Catnapped and Doggone
Fascination with crime. Yeah, that’s us, alright. All of us. And yes, it will make attractive men move away from me in bars even after they’ve shelled out for a drink. Something about them imagining me naked while I measure them for trunk transportation. But fascination, or obsession, are impossible to deny and so, I remain committed (or maybe should be committed) to my utter devotion to seeking out the less than socially acceptable.
First of all, I love Jeannie’s stupids. And the police blotter. Stupid criminals done right. But while I find them entertaining, and a good place for a belly laugh, I am not fascinated by the mindless. I am also not “fascinated” by the psychotic or truly evil. I write about those individuals because I don’t get it. My mind, my intellectual curiousity, sends me down that round so I can figure it out. It’s not fascination. It’s equal parts confusion and revulsion with a dash of sick sells. We’re all writing because we’re writers and that’s what we do but we’re all smart enough to know that paying the rent and eating a couple of times a day are important, too.
The crimes that really call to me, not just as an intellectual exercise but as a potential future career choice (please don’t tell my mother), are the smart, stylish crimes. The no one gets physically hurt, the police shake their heads and the forensic team can’t figure out how it could happen crimes. Jewel heists in the middle of a gallery gala. The middle of the night smash and grab of great masterpieces. The still unsolved Gardner museum swipe. I want my crimes to be meticulously planned, precisely executed and oh so cool. Cucumber cool.
Naturally, I have become obsessed with White Collar, a television show of smart, sexy (even with an ankle bracelet) Neal Caffrey. Except for getting caught, he totally had it going on. From jewels to forged documents to live on the lam the looked a lot like Lifestyles of the Rich and Famous. The planning, sometimes years, and patience that went into his jobs appeals to my methodical I don’t really want to go to jail while still wanting the adrenaline rush mind set. Then, there’s the actual moment. Smooth as silk. Each contingency accounted for. Master plotting. Great characters and so much style.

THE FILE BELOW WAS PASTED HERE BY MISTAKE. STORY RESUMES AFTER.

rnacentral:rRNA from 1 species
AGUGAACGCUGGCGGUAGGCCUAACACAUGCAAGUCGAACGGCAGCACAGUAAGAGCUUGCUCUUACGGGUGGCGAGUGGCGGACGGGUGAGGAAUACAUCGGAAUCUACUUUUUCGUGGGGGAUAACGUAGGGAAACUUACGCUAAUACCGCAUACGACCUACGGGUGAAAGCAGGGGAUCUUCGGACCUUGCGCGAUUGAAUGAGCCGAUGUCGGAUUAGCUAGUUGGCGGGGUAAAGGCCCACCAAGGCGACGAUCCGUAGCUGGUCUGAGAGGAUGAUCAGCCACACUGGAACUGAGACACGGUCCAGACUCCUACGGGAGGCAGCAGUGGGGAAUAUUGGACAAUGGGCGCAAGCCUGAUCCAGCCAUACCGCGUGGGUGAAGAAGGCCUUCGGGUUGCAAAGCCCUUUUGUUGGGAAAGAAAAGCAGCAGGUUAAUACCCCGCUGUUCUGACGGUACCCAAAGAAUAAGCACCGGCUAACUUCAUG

In the real world, there have been Neal Caffreys. Bill Mason lifted a gold medal from Johnny Weismuller. It isn’t just the target of his theft – although a gold medal isn’t your everyday snatch and frankly has a quirk to it I enjoy in my obsessive crimes – but it’s the fact that he took on Tarzan. That is a story for the grandkids. Doris Payne, all 79 years of her and confined to a wheel chair, is a lifelong jewel thief. Recently arrested for helping herself to a thirty thousand dollar Neiman Saks ring, she’s the subject of a biopic starring Halle Berry. Not only has she still got it going on (despite the recent arrests which I attribute to her senior citizen inability to move with purpose), she’s so fly Oscar-winning actress, fifty most beautiful people Halle Berry has been cast to play her. For those of us worried that Phyllis Diller is more likely to get the role of our lifetime, the felon envy here is pretty big.
And then, not to be outdone, are the elusive, never been caught, mystery men and women. What are they like? Are they white picket fence, good church goers by day, master art thieves at night? School teachers with an apple on their desks plotting the liberation of the royal jewels during naptime? Or the guy sitting next to me on the airplane, pretending to read Freakonomics while his mind whirls through the security system at the Louvre? Their fascination is amplified by the “I don’t know” factor. Who? Where? Why? How do you choose the target? How do you pick the team? How do you fence the goods? Why have you never been caught? Tell me, tell me, tell me. I’m dying here. Thus, fascination becomes obsession. And obsession becomes a great read.
Thanks for reading me today.